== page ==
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Nationwide Adoption of LDCT Screening Will Detect More Early-Stage Lung Cancer, but at Substantial Economic Cost

June 2014, Vol 5, No 5

Chicago, IL—The US Preventive Services Task Force (USPSTF) recommends annual low-dose computed tomography (LDCT) lung cancer screening for patients at high risk. What would it mean in terms of cost to society if those recommendations were implemented in the Medicare population?

A study using budget impact modeling projected that an LDCT lung cancer screening program that adheres to the USPSTF recommendations in a Medicare population would identify approximately 54,900 more cases of lung cancer over a 5-year period, mainly early-stage disease, but at a substantial economic cost, said lead investigator Joshua A. Roth, PhD, MHA, a postdoctoral fellow at Fred Hutchinson Cancer Research Center, Seattle, WA.

Dr Roth presented these results at the 2014 American Society of Clinical Oncology meeting, noting that the 5-year cost would be approximately $9 billion in Medicare expenditures.

Medicare is expected to make a decision on LDCT lung cancer screening coverage in November 2014, and this decision is likely to rely heavily on the USPSTF recommendations, said Dr Roth. “The take-home message from this presentation is that Medicare should plan for increased expenditures if the USPSTF recommendation is adopted.”

The investigators used a budget impact model to arrive at these calculations. They selected the Medicare population, because it has the highest rates of lung cancer and a large proportion of members who fit into the high-risk category for annual screening, which includes age 55 to 80 years, a 30-pack-year smoking history, current smoker, or quit smoking within the past 15 years, Dr Roth explained.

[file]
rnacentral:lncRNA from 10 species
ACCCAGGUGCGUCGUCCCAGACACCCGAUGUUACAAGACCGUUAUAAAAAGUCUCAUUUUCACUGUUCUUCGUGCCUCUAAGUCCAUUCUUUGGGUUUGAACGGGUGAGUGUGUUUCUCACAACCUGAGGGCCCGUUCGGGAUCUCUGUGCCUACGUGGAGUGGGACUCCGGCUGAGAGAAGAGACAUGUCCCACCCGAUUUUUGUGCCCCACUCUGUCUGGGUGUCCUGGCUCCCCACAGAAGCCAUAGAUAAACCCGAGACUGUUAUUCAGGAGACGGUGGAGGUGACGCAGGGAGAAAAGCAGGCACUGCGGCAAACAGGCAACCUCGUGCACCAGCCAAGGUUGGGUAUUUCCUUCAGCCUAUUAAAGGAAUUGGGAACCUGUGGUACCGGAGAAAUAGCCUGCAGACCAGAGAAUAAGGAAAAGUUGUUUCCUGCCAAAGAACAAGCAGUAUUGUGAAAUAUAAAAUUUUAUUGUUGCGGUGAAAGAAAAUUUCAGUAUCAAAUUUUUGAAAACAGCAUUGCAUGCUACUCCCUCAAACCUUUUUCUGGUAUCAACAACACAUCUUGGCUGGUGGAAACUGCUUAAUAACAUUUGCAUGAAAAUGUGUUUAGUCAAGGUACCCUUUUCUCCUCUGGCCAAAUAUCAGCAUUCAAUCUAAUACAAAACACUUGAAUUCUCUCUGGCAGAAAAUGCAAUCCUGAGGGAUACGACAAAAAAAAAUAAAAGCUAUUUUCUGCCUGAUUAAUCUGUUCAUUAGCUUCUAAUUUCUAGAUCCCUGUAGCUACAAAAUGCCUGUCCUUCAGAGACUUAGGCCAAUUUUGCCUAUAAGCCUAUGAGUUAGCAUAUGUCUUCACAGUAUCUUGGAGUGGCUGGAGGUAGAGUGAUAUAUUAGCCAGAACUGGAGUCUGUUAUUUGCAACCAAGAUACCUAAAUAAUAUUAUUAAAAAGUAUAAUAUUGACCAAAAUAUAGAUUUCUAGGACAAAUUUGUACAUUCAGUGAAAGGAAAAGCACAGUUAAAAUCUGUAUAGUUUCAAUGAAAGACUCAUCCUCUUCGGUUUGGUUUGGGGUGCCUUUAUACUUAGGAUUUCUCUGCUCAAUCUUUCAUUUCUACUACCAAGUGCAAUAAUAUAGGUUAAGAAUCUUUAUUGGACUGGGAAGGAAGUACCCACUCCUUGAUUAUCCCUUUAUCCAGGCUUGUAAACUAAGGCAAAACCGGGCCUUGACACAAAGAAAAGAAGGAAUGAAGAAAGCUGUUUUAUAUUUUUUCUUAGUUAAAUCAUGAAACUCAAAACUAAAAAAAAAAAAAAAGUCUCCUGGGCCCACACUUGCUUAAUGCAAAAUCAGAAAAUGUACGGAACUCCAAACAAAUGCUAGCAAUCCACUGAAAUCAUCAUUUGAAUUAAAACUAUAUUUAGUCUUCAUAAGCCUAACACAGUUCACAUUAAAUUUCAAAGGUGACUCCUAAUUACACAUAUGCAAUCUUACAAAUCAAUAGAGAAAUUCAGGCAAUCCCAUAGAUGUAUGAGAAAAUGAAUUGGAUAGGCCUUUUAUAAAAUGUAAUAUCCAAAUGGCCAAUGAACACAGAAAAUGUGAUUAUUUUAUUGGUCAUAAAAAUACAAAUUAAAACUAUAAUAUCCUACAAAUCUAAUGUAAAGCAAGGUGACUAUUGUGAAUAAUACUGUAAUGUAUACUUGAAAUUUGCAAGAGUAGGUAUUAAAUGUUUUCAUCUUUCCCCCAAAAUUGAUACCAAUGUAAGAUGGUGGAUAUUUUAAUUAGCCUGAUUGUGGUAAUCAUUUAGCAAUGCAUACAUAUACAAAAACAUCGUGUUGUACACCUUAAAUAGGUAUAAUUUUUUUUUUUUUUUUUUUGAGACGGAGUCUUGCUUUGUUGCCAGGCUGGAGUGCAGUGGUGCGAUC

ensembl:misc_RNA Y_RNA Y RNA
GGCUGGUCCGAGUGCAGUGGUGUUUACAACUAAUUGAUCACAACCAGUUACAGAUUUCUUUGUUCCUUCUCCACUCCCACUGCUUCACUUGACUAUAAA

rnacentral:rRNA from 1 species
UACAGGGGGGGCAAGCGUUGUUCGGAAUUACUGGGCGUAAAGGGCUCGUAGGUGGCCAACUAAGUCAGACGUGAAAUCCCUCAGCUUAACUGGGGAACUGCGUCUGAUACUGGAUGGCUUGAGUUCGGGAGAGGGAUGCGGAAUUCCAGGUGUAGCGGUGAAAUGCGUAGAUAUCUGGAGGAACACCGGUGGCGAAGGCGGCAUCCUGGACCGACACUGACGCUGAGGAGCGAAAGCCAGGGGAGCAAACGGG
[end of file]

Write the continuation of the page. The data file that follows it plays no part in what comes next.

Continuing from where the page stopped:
The USPSTF recommendations are based largely on the findings from the National Lung Screening Trial (NLST), which demonstrated a 20% reduction in lung cancer deaths with LDCT lung cancer screening compared with x-ray screening.

The current model assumed that over a 5-year period, 20% more high-risk patients will be offered screening annually. The investigators examined 3 scenarios:

  • Expected use based on experience with mammography (50% of patients offered screening undergo screening annually)
  • A low-use scenario (only 25% of patients offered screening follow through with it)
  • A high-use scenario (75% of patients offered annual screening take advantage of it).

The investigators compared LDCT screening with no screening, inputting NLST data along with data from the Surveillance, Epidemiology, and End Results Program and from the peer-reviewed literature.

The expected-use scenario would yield 11.2 million more LDCT scans and would result in 54,900 additional lung cancers detected over 5 years versus no screening. Early diagnoses would rise from 15% to 33%. The total 5-year expenditure for LDCT imaging, diagnostic workup, and lung cancer care would be $9.3 billion. Dr Roth said that this would increase the Medicare premium per member by $3 monthly.

The low-use scenario would cost $5.9 billion, whereas the high-use scenario would cost $12.7 billion (with monthly premium increases per Medicare member of $1.90 and $4.10, respectively).

Dr Roth said that the major proportion of the Medicare expenditure would be for the CT scans.

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